Structure Learning of Bayesian Networks Using Elephant Swarm Water Search Algorithm

Structure Learning of Bayesian Networks Using Elephant Swarm Water Search Algorithm

Shahab Wahhab Kareem (Yasar University, Bornova, Turkey) and Mehmet Cudi Okur (Yasar University, Bornova, Turkey)
Copyright: © 2020 |Pages: 12
DOI: 10.4018/IJSIR.2020040102

Abstract

Bayesian networks are useful analytical models for designing the structure of knowledge in machine learning. Bayesian networks can represent probabilistic dependency relationships among the variables. One strategy of Bayesian Networks structure learning is the score and search technique. The authors present the Elephant Swarm Water Search Algorithm (ESWSA) as a novel approach to Bayesian network structure learning. In the algorithm; Deleting, Reversing, Inserting, and Moving are used to make the ESWSA for reaching the optimal structure solution. Mainly, water search strategy of elephants during drought periods is used in the ESWSA algorithm. The proposed method is compared with simulated annealing and greedy search using BDe score function. The authors have also investigated the confusion matrix performances of these techniques utilizing various benchmark data sets. As presented by the results of the evaluations, the proposed algorithm has better performance than the other algorithms and produces better scores and accuracy values.
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Introduction

Bayesian networks (BN) are one of the simplified analytical methods for constructing the probabilistic structure of knowledge in machine learning (Ji, Wei, & Liu, 2012). They can be implemented universally in knowledge design, argumentation, and inference (Fortier, Sheppard, & Pillai, 2013). The structure of the Bayesian network is a direct acyclic graph (DAG) which is formed concerning two significant parts; the parameters and the structure of the network. The parameters describe conditional probabilities, and the structure expresses dependencies among the variables. Solving the learning structure of the Bayesian network without a suitable search method is difficult. The challenges for learning the structure of Bayesian network (BN) from a dataset to achieve the optimal is NP-hard optimization problem (Li & Chen, 2014); however, extensive research has been conducted to develop approximate strategies for learning network structure. Essentially, there are two procedures for Bayesian networks structural learning. The first is a constraint-based procedure while the second is score and search procedure (Margaritis, 2003). The score and search method is used to explore the space of BN structures and continuously evaluate all applicant network structures until the valid metric value achieved.

Score-based procedures rely on a function to evaluate the network, the available data, and they search for a structure that optimizes the score, which is the goal (Fast, 2010). The score function method is implemented using two primary criteria: Bayesian score and information-theoretic score. The information-theoretic score implemented in methods like; Log-likelihood (LL), Akaike information criterion (AIC), Bayesian Information Criterion (BIC), Minimum Description Length (MDL), Normalized Minimum Likelihood (NML), and Mutual Information Tests (MIT). The Bayesian score implemented in some other methods like; BD (Bayesian Dirichlet), BDe (Bayesian Dirichlet (“e” for likelihood-equivalence)), BDeu (Bayesian Dirichlet equivalent uniform (“u” for uniform joint distribution)), and K2 (Cooper & Herskovits, 1992).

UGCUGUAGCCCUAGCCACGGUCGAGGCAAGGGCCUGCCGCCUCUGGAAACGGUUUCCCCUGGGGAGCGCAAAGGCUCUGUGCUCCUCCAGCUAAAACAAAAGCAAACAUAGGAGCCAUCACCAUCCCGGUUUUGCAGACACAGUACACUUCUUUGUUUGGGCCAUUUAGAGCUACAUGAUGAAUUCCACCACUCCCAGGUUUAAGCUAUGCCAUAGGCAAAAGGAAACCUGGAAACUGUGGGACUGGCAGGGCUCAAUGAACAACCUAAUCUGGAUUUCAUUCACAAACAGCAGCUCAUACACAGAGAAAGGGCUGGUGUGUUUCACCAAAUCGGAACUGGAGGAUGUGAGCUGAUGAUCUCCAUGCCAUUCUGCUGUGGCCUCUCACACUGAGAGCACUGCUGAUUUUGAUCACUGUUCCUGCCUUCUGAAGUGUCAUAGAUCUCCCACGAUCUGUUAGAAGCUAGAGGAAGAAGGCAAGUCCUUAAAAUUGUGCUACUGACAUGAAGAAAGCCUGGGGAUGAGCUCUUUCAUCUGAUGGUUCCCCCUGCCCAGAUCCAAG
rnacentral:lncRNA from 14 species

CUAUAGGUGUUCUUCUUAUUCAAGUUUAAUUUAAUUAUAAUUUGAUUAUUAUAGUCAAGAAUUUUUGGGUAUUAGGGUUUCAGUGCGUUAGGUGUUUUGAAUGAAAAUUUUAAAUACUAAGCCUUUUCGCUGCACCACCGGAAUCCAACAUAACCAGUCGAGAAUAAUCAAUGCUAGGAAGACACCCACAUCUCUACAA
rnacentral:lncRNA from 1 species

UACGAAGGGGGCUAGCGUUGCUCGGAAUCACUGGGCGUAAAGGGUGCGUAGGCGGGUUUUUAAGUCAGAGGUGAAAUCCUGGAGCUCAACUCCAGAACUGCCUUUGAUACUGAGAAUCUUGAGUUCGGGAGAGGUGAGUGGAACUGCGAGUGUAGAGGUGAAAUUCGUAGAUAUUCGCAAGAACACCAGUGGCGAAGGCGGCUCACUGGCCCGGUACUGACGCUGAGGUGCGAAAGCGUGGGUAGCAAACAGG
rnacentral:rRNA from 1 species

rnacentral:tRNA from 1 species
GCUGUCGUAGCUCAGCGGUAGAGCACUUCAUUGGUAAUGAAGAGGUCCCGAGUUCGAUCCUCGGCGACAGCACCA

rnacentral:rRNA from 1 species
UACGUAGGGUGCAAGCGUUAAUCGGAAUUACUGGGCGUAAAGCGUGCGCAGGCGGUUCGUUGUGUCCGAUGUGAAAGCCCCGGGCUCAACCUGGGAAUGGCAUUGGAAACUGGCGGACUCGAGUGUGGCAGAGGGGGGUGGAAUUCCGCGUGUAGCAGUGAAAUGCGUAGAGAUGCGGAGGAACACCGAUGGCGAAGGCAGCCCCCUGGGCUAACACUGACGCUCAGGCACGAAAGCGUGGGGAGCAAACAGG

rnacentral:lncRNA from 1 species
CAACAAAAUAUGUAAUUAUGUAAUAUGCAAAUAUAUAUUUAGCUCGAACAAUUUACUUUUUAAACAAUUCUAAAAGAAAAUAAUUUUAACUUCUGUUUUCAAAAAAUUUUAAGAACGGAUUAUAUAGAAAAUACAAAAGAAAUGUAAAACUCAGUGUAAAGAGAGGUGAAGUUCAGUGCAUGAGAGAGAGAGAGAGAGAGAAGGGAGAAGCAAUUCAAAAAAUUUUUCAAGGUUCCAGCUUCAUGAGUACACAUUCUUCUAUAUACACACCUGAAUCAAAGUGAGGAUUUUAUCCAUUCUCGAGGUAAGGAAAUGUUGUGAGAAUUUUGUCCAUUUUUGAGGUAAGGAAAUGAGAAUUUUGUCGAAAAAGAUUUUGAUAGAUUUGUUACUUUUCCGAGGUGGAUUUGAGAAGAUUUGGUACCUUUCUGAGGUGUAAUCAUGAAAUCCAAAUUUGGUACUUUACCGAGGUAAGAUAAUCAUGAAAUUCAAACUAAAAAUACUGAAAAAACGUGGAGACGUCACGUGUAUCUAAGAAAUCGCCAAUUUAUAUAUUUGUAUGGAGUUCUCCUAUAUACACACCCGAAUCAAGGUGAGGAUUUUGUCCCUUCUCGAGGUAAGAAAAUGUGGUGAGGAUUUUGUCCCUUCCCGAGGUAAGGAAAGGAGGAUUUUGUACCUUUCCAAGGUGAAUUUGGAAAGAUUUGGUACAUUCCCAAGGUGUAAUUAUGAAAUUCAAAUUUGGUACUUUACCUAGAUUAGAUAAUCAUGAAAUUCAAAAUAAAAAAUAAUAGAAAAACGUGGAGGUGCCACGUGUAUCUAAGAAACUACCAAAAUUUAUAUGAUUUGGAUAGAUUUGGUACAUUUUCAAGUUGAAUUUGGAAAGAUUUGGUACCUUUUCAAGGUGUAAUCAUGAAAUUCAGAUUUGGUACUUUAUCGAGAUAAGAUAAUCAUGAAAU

There are several methods of the search strategy for achieving the optimization of the structure learning problem. They include Particle Swarm Intelligence (Cowie, Oteniya, & Coles, 2007), Ant Colony Optimization Algorithm (Salama & Freitas, 2012), Bee Colony (Li & Chen, 2014), Hybrid Algorithm (He & Gao, 2018; Li & Wang, 2017; Kareem & Okur, 2018), Simulated Annealing Algorithm (Hesar, 2013), Bacterial Foraging Optimization (Yang, Ji, Liu, Liu, & Yin, 2016), Genetic Algorithms (Larraiiaga & Poza, 1996), Gene-Pool Optimal Mixing Evolutionary Algorithm (GOMEA) (Orphanou, Thierens, & Bosman, 2018), Breeding Swarm Algorithm (Khanteymoori, Olyaee, Abbaszadeh, & Valian, 2018), Binary Encoding Water Cycle (Wang & Liu, 2018), Pigeon Inspired Optimization (Kareem & Okur, 2019), Tightening Bounds (Fan, Yuan, & Malone, 2014), A* Search Algorithms (Yuan, Malonean, & Wu, 2011), Scatter Search Documents (Djan-Sampson & Sahin, 2004), Cuckoo Optimization Algorithm (Askari & Ahsaee, 2018), Quasi-Determinism Screening (Rahier, Marie, Girard & Forbes, 2019), and Minimum Spanning Tree Algorithm (Sencer, Oztemel, Taskin, & Torkul, 2013). Another state-of-the-art metaheuristic method that can be used for structure learning in Bayesian networks is the elephant swarm optimization. This paper proposes and presents a comparative evaluation of this method as a novel approach to Bayesian network structure learning.

The organization of the remainder of this paper is as follows. Section 2 presents the concept of structure learning in Bayesian Networks. Section 3 includes a brief introduction of Elephant Swarm Water Search Algorithm. We discuss in detail the methodology and present the experimental result in section 4. The conclusions are in section 5.

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